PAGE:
Here’s Why Apple Suddenly Looks So Vulnerable

5 minute read

“This too shall pass.”

These words were spoken yesterday by the CEO of the largest and most influential tech company in the world. The company that defined how we use computers, that designed the smartphone as we know it today, that not long ago was believed to eventually be worth $1 trillion. The bromide is hardly a rallying cry of technology innovation, let alone a cheer of celebration, but Tim Cook found himself using it as analysts peppered with questions about how Apple will rebound in a global economic slowdown. And it pretty much summarizes how Apple is faring.

“We’re in a challenging global macroeconomic environment. We’re seeing extreme conditions unlike anything we’ve experienced before just about everywhere we look,” Cook said in a conference call discussing earnings. “Even in the markets where today, grandly, it looks fairly bleak—from Russia and Brazil and some of the other economies that are very much tied to oil-based economies—we do believe that this too shall pass.”

The rout in oil markets, the turmoil in China’s financial markets and the abrupt slowdown in emerging economies have sent global markets spinning lower this month. Now their effects are being written into the earnings reports that Apple delivers each quarter to investors. And the results are not great.

Apple beat its earnings per share by few whiskers while its $75.8 billion in revenue fell short of Wall Street’s $76.6 billion forecast–the rare miss from the financially conservative company. Worse, Apple said that its revenue in the current quarter would decline to between $50 billion and $53 billion. The mid-point of that broad range is 13% below Apple’s revenue a year ago.

The only good news about the report was that the bad news it contained was largely expected. One benefit of the obsession that Apple’s earnings tend to inspire is that many investors and analysts had months to see a slowdown in iPhone and iPad sales coming. Apple’s stock fell in after-hours trading, but only slightly: down 2.6% in late trading.

“Overall, given the ‘white-knuckled fears’ going into this,” wrote FBR Capital analyst Daniel Ives, “we would characterize the overall headline performance as better than feared.” Gene Munster of Piper Jaffray added, “Now that the March and June iPhone numbers have been reset, we believe investors will have more confidence to invest.”

Slowing iPhone sales are a particular concern for Apple investors because the smartphone drives 68% of Apple’s revenue and because iPhone revenue has never declined year-over-year ever since it was introduced in 2007. iPhone sales typically slow down ahead of the bi-annual release of a major iPhone release, but earlier slowdowns never translated into outright declines.

One analyst on the conference call calculated that Apple’s guidance implied a 15% to 20% drop in iPhone sales this quarter. Cook said he didn’t see them falling that far but confirmed they would decline. His comments focused on new areas of growth, such as services like Music, Pay and iCloud for the 1 billion Apple devices that were used last quarter.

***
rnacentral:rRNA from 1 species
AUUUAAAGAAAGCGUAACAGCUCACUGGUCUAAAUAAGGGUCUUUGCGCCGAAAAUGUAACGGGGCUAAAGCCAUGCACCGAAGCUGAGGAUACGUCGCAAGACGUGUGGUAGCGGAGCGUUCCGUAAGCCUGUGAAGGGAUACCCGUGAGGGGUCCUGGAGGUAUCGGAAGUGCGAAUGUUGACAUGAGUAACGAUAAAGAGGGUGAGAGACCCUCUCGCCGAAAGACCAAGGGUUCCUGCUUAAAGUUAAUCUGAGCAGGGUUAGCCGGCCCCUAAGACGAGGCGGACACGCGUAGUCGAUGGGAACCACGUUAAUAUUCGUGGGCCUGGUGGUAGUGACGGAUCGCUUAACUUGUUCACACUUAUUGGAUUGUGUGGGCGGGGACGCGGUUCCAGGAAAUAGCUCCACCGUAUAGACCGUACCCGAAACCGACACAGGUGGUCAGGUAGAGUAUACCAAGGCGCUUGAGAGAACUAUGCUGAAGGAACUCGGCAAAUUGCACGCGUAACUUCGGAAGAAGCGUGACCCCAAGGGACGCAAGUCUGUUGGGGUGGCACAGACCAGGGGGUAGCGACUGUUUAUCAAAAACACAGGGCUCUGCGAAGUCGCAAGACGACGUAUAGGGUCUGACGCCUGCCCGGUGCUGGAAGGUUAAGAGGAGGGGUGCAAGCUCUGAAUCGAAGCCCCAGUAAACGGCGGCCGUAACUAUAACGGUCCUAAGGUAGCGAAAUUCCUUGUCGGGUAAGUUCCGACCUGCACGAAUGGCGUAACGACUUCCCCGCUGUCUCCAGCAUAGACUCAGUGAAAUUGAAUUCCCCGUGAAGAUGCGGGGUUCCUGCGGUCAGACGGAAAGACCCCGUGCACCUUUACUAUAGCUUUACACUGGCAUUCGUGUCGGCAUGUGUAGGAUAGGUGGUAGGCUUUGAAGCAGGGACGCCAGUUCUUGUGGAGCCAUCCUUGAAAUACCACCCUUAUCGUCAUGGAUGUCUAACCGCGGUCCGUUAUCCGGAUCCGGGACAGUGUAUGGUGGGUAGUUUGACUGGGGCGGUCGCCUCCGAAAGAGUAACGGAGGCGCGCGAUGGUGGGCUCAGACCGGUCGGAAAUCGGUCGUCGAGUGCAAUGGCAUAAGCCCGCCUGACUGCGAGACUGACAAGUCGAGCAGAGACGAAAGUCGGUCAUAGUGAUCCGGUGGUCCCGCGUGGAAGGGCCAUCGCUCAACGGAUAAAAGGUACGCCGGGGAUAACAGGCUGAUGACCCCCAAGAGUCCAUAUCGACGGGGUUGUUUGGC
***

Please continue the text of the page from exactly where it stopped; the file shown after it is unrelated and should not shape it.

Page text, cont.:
CFO Luca Maestri said that services sold for those 1 billion iPhone, iPads and Macs generated $31 billion last fiscal year and $9 billion last quarter alone, a 24% increase from the year-ago period. But that’s only about one-ninth of Apple’s total revenue, so the strongest growth is coming from a small part of the overall business.

Apple also downplayed a decline in operating profit last quarter. Cook boasted of “Apple’s strongest results ever” and Maestri touted “all-time records for net income and EPS.” Apple reported its net income per share rose 7% to $3.28, but most of that gain came as Apple retired 288 million outstanding shares through its stock repurchase program.

Factor that out, and net income rose only 1.9% to $18.361. But the reasons for the gain had to do with lower income taxes and increased income from dividends and interest Apple receives from its vast stockpile of cash. Factor those out, as operating profit does, and Apple showed a slight decline of 0.03%.

Apple is far from a company in need of a turnaround, but many investors are awaiting new products that will revive the growth of the past two years. Even with a new model due this fall, the impact of iPhone growth is tapering over time, and placeholder products like TV and Watch, while growing, aren’t making up for slowing sales in more important products.

Apple’s stock has lost 28% of its value since it reached its all-time high of $134.54 last April. New products from the tech giant and a recovery in the global economy may indeed prove Cook’s assertion that all this shall pass. In the meantime, Apple remains a company with annual revenue well above $200 billion a year.
But the company is also a longtime bellwether—perhaps tech’s sole bellwether right now—and that the company’s most optimistic message is currently one of muddling through doesn’t bode well for the sector.

It’s not the kind of encouraging message Cook is used to delivering, but for now it will have to do.

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